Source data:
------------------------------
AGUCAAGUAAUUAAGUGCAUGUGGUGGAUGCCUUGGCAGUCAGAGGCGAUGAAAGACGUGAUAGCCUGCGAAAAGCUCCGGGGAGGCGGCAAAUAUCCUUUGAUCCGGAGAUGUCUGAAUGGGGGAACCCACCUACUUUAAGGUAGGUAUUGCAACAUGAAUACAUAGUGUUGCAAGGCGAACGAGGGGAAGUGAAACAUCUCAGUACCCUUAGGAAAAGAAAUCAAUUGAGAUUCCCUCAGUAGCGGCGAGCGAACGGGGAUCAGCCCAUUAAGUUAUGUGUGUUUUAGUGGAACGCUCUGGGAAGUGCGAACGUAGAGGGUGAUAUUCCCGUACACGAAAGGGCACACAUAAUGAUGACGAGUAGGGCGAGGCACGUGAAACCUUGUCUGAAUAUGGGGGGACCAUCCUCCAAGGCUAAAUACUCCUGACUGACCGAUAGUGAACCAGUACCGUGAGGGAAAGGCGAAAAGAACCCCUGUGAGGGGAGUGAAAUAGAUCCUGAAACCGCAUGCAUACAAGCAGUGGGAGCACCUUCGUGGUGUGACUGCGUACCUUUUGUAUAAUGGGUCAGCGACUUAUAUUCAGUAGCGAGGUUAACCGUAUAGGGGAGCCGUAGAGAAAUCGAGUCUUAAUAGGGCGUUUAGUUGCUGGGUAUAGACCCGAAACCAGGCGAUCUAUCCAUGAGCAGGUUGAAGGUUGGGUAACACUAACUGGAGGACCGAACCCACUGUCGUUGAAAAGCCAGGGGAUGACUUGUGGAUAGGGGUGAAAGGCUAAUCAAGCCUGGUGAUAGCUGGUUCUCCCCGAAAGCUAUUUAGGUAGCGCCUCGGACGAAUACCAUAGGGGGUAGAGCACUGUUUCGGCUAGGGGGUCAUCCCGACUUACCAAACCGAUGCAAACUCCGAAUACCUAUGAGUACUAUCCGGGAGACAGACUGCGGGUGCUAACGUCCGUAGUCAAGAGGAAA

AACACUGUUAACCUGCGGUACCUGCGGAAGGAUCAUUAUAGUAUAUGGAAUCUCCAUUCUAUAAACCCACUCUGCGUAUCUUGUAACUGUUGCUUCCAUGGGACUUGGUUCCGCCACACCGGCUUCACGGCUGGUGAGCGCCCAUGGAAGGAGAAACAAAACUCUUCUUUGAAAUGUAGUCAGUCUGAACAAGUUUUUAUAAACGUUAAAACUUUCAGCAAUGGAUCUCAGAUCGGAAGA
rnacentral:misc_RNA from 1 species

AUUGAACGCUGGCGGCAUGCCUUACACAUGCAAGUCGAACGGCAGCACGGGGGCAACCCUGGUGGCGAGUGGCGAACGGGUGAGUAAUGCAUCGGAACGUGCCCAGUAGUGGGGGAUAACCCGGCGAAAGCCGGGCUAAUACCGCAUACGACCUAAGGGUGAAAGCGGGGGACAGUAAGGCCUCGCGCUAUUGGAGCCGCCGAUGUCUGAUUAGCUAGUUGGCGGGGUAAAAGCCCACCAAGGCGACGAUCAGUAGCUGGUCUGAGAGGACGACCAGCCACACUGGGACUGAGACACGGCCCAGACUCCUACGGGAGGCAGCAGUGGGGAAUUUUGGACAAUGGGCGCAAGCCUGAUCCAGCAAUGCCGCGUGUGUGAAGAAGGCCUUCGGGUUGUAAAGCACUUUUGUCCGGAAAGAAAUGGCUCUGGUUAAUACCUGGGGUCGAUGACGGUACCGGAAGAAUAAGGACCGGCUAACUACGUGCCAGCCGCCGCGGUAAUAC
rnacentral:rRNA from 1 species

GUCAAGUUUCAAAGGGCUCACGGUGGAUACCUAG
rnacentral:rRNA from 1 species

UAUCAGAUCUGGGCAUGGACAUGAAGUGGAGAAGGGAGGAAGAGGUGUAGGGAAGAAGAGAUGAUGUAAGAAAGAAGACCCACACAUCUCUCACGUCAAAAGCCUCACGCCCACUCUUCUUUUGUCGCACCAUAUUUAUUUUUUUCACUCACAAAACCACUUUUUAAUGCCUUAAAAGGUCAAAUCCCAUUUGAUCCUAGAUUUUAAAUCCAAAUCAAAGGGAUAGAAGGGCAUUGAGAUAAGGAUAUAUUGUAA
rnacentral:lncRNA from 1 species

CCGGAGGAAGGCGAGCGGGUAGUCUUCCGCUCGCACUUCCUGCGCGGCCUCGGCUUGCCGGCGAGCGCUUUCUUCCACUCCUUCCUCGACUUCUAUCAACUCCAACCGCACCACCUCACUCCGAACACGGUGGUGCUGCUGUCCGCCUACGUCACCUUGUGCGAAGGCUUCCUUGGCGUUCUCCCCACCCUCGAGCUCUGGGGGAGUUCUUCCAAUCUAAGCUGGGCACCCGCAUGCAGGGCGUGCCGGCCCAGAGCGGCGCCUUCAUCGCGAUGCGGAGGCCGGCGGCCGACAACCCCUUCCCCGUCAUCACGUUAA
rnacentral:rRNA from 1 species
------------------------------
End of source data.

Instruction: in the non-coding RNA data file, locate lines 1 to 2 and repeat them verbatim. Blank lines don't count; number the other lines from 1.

AGUCAAGUAAUUAAGUGCAUGUGGUGGAUGCCUUGGCAGUCAGAGGCGAUGAAAGACGUGAUAGCCUGCGAAAAGCUCCGGGGAGGCGGCAAAUAUCCUUUGAUCCGGAGAUGUCUGAAUGGGGGAACCCACCUACUUUAAGGUAGGUAUUGCAACAUGAAUACAUAGUGUUGCAAGGCGAACGAGGGGAAGUGAAACAUCUCAGUACCCUUAGGAAAAGAAAUCAAUUGAGAUUCCCUCAGUAGCGGCGAGCGAACGGGGAUCAGCCCAUUAAGUUAUGUGUGUUUUAGUGGAACGCUCUGGGAAGUGCGAACGUAGAGGGUGAUAUUCCCGUACACGAAAGGGCACACAUAAUGAUGACGAGUAGGGCGAGGCACGUGAAACCUUGUCUGAAUAUGGGGGGACCAUCCUCCAAGGCUAAAUACUCCUGACUGACCGAUAGUGAACCAGUACCGUGAGGGAAAGGCGAAAAGAACCCCUGUGAGGGGAGUGAAAUAGAUCCUGAAACCGCAUGCAUACAAGCAGUGGGAGCACCUUCGUGGUGUGACUGCGUACCUUUUGUAUAAUGGGUCAGCGACUUAUAUUCAGUAGCGAGGUUAACCGUAUAGGGGAGCCGUAGAGAAAUCGAGUCUUAAUAGGGCGUUUAGUUGCUGGGUAUAGACCCGAAACCAGGCGAUCUAUCCAUGAGCAGGUUGAAGGUUGGGUAACACUAACUGGAGGACCGAACCCACUGUCGUUGAAAAGCCAGGGGAUGACUUGUGGAUAGGGGUGAAAGGCUAAUCAAGCCUGGUGAUAGCUGGUUCUCCCCGAAAGCUAUUUAGGUAGCGCCUCGGACGAAUACCAUAGGGGGUAGAGCACUGUUUCGGCUAGGGGGUCAUCCCGACUUACCAAACCGAUGCAAACUCCGAAUACCUAUGAGUACUAUCCGGGAGACAGACUGCGGGUGCUAACGUCCGUAGUCAAGAGGAAA

AACACUGUUAACCUGCGGUACCUGCGGAAGGAUCAUUAUAGUAUAUGGAAUCUCCAUUCUAUAAACCCACUCUGCGUAUCUUGUAACUGUUGCUUCCAUGGGACUUGGUUCCGCCACACCGGCUUCACGGCUGGUGAGCGCCCAUGGAAGGAGAAACAAAACUCUUCUUUGAAAUGUAGUCAGUCUGAACAAGUUUUUAUAAACGUUAAAACUUUCAGCAAUGGAUCUCAGAUCGGAAGA